Published: Sat, February 02, 2019
Medical | By

Northwest US Measles Cases Prompt Look At Vaccine Exemptions

Northwest US Measles Cases Prompt Look At Vaccine Exemptions

There have been 38 confirmed and 13 suspected cases so far.

Unsurprisingly, the same people who peddled anti-science myths about vaccines causing autism, have also bolstered the idea that vaccines are a personal choice and not a public health responsibility.

The Centers for Disease Control and Prevention is outlining the scope of the outbreak, and detailing what can be done to stop it in its tracks. Vaccinations are free for children and low cost for adults at area hospitals through a partnership with Tacoma-Pierce County Health Department, as well, which partners with Mary Bridge Children's Hospital's free vaccination clinics for children.

There were 38 confirmed cases in Washington and OR in 2018.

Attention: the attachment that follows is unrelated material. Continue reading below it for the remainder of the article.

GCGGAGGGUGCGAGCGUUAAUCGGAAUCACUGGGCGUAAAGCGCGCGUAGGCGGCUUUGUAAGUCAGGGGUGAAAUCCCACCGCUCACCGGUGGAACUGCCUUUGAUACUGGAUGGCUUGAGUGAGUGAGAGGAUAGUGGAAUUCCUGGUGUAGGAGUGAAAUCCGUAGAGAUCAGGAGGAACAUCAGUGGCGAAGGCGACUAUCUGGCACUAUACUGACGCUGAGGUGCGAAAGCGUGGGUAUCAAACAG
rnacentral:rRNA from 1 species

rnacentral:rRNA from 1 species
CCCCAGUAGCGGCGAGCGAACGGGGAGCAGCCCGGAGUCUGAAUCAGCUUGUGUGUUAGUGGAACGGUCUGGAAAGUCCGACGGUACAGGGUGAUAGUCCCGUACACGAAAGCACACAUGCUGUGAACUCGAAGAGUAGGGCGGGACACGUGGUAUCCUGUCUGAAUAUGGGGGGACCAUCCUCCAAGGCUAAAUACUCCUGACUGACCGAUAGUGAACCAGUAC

Health officials traced the outbreak in Washington to an unvaccinated global traveler and they said they're seeing about five new cases each day. Therefore, a massive measles outbreak in the USA got traction due to the anti-vaxxer movement.


Dr. Sheffield said that a population has to be 95 percent vaccinated before it's possible to keep people from being infected.

Four percent of Washington secondary school students have non-medical vaccine exemptions. The King County measles case involved a middle-aged man who visited Clark County where he likely contracted the virus and has since recovered.

'So it's like taking a lighted match and throwing it into a bucket of gasoline, basically, ' he said. One person has been hospitalized, and the governor of Washington has declared a state of emergency. And the potentially deadly disease is making a comeback mostly in unvaccinated children: Of the total reported cases, 32 were in unvaccinated people, 25 of whom were children under the age of 10. They have since returned home.

The most serious risk is to children who haven't yet received all of their vaccines, and others who can't be vaccinated for medical reasons (for example, because their immune system is suppressed due to another illness). The vaccine itself is incredible effective, and prevents measles in 97% of people. There hasn't been a case of measles in North Dakota since 2011, according to the Department of Health. In addition, two people fell ill in Hawaii, having travelled from Washington, where they were infected.

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